Running since March 2013 The magic-themed coming-of-age musical, featuring songs by "Wicked" composer Stephen Schwartz, is back on Broadway for a 40th anniversary revival. Winner of 4 Tony Awards, including Best Revival of a Musical.
The Broadway production of Pippin closed January 4, 2015. For current Broadway show listings and tickets, please click here.
"Pippin" tells the story of a young prince on a death-defying journey to find meaning in his existence, and features a beloved score including the favorites "Magic to Do" and "Corner of the Sky."
Diane Paulus, director of the Tony winning revivals of "Hair" in 2009 and "Porgy and Bess" in 2012, first staged this circus-inspired production at Boston's American Repertory Theater. In his Boston Globe review, Jeffrey Gantz said "contortionists sashay about, aerialists cavort overhead, performers juggle swords" and audiences discover "how magical the theater can be."
The original production of "Pippin" opened in 1973 and ran for nearly 5 years. It was staged by Broadway legend Bob Fosse, who earned Tony Awards for Best Direction and Choreography. Fosse's unmistakable fingerprints are all over this revival - in fact, the choreography is credited to Fosse protégé Chet Walker, "in the style of Bob Fosse."
2013 Tony Awards: Best Revival of a Musical, Best Performance by an Actress in a Leading Role in a Musical (Patina Miller), Best Performance by an Actress in a Featured Role in a Musical (Andrea Martin), Best Direction of a Musical.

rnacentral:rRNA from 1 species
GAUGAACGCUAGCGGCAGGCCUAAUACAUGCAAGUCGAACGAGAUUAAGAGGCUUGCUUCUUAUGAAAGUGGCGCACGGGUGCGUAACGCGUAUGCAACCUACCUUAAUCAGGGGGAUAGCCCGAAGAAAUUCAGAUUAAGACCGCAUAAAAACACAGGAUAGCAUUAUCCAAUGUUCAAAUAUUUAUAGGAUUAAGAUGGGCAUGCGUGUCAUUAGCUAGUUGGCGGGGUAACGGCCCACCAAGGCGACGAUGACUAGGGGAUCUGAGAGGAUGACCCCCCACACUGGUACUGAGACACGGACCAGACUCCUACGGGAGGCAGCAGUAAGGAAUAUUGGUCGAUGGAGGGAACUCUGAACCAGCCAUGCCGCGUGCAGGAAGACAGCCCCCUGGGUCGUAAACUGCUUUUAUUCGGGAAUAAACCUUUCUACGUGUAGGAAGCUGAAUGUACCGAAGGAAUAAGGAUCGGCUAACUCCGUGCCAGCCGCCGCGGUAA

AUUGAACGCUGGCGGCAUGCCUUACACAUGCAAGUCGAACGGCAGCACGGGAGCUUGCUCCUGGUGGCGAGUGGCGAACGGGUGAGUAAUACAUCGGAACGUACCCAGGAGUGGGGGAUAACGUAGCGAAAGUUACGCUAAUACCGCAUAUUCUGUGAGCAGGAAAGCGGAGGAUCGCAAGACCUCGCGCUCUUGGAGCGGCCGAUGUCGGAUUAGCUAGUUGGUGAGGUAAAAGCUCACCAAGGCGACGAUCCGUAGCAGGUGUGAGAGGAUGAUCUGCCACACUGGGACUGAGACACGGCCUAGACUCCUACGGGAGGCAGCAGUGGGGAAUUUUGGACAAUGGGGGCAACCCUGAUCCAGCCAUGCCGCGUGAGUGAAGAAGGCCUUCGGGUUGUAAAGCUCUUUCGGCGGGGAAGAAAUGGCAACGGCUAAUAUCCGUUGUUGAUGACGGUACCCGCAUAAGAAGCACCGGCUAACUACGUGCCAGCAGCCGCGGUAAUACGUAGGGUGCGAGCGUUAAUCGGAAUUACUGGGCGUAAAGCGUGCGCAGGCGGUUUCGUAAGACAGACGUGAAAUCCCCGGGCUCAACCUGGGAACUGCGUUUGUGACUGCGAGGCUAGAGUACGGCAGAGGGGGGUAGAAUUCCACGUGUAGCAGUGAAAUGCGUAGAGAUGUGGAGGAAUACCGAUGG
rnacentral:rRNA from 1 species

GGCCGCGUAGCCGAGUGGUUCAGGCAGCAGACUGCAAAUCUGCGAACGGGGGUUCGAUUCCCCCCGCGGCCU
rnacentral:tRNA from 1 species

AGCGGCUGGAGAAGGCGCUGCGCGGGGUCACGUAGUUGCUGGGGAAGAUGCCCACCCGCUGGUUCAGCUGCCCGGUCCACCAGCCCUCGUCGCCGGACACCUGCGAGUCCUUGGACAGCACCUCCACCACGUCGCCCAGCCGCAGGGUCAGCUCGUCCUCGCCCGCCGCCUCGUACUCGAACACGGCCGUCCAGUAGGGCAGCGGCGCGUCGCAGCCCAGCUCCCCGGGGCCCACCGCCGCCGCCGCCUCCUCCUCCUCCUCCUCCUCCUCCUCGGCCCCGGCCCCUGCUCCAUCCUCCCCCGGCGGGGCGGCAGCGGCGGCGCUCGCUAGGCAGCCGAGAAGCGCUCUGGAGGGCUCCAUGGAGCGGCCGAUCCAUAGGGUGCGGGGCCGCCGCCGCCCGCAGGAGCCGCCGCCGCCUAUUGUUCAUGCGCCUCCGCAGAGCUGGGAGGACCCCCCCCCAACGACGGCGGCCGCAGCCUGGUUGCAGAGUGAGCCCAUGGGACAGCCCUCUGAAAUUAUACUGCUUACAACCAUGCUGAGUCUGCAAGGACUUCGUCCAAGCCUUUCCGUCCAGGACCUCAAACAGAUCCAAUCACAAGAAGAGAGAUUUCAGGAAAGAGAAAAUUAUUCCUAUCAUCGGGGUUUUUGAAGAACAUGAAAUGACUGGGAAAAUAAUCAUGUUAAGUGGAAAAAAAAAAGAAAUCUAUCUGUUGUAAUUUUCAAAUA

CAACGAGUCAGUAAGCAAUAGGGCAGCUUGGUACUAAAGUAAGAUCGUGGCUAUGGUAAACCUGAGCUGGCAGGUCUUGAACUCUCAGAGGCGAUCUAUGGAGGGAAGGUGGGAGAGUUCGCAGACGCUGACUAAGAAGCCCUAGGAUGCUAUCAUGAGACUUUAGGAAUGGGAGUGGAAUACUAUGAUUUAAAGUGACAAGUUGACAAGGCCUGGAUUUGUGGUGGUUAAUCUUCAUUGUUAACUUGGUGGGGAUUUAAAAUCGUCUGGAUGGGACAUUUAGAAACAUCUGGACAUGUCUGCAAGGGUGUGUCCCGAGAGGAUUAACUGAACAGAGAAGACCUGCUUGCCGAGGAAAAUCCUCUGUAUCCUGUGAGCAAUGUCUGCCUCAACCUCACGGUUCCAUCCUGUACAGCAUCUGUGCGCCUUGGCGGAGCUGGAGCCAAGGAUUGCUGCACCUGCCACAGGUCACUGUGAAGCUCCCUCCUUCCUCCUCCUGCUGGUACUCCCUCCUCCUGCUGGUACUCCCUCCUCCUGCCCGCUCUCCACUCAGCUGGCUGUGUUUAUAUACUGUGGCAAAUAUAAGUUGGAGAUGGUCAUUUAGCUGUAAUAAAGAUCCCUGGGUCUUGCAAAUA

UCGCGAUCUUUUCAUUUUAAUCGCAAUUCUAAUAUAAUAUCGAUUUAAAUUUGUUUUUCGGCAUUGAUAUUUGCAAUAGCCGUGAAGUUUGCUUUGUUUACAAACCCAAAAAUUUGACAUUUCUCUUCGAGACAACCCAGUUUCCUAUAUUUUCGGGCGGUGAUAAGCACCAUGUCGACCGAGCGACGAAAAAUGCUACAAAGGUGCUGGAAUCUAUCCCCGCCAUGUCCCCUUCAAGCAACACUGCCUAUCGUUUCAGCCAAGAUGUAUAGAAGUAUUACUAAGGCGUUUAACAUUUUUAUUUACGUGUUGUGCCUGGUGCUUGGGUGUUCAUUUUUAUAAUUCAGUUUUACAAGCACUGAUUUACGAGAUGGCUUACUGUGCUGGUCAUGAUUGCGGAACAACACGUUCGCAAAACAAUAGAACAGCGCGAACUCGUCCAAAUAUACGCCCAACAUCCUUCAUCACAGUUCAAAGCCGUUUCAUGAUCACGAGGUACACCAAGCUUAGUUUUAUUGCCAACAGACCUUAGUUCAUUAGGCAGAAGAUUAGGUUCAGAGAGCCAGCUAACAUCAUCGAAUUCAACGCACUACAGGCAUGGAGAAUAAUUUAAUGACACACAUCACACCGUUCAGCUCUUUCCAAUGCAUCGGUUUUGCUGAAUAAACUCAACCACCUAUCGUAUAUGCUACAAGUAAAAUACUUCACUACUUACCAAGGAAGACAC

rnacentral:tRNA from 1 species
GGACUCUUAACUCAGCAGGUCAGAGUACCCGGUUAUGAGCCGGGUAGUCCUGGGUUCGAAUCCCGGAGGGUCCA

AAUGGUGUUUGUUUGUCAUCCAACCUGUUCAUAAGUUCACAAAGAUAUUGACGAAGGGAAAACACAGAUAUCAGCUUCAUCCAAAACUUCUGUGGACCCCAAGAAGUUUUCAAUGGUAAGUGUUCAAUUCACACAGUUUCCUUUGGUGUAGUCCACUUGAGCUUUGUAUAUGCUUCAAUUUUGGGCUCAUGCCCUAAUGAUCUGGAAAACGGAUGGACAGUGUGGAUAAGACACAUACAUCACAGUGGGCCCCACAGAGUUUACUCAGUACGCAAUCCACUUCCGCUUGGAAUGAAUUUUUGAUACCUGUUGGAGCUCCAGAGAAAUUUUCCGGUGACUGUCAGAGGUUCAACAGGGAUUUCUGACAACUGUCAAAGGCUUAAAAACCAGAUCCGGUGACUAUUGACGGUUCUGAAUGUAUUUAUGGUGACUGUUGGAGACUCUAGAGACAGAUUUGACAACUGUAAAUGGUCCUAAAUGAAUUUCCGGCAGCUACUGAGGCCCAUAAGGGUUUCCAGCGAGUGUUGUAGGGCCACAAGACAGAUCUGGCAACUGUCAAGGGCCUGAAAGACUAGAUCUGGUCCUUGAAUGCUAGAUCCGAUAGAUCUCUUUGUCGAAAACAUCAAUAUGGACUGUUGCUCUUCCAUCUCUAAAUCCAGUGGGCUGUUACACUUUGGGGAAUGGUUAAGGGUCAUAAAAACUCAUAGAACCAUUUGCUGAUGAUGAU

2013 Drama Desk Awards: Outstanding Revival of a Musical or Revue, Outstanding Featured Actress in a Musical (Andrea Martin), Outstanding Director of a Musical, Outstanding Choreography.
2013 Outer Critics Circle Awards: Outstanding Revival of a Musical, Outstanding Director of a Musical, Outstanding Choreographer, Outstanding Lighting Design, Outstanding Actress in a Musical (Patina Miller), Outstanding Featured Actor in a Musical (Terrence Mann), Outstanding Featured Actress in a Musical (Andrea Martin).
A musical miracle...The brilliant new production boasts everything you could dream of in a musical - including Schwartz's terrifically tuneful songs. Paulus [has] raised the bar on her work to dizzying heights of imagination, integration and artistry. Walker recreates the sultry hip rolls, eloquent jazz hands and exuberant kicks. The cast of actors merges seamlessly with the seasoned strong men, acrobats and aerialists. "Pippin" punctuates the Broadway season with a big, bold exclamation point.
Thrilling...Director Paulus hasn't just slapped some fresh paint on this beloved tale of self-discovery, she's rebuilt it. [She] has transformed the players into a troupe of circus performers, and it's a stroke of genius. The cast members are amazing. No sooner have you realized that one actor is busy stealing the show than another steps up to blow you away. The Gypsy Snider-led acrobats will thrill you. The genius of Paulus, though, is to know when to stop. She knows when to pack up the circus tent.
This coming-of-age musical has been transformed by director Paulus into a giddy-making pleasure machine. Paulus's "Pippin" is G-rated, frisky rather than sexy, the slick sweat of lust replaced by dazzling but vague innocence. That makes it a visual treat, but eye candy takes you only so far. There's little here of what we need to feel in the gut from a musical. Only Martin's open-hearted turn resonates long enough to transport us, however briefly, way beyond the razzle- dazzle.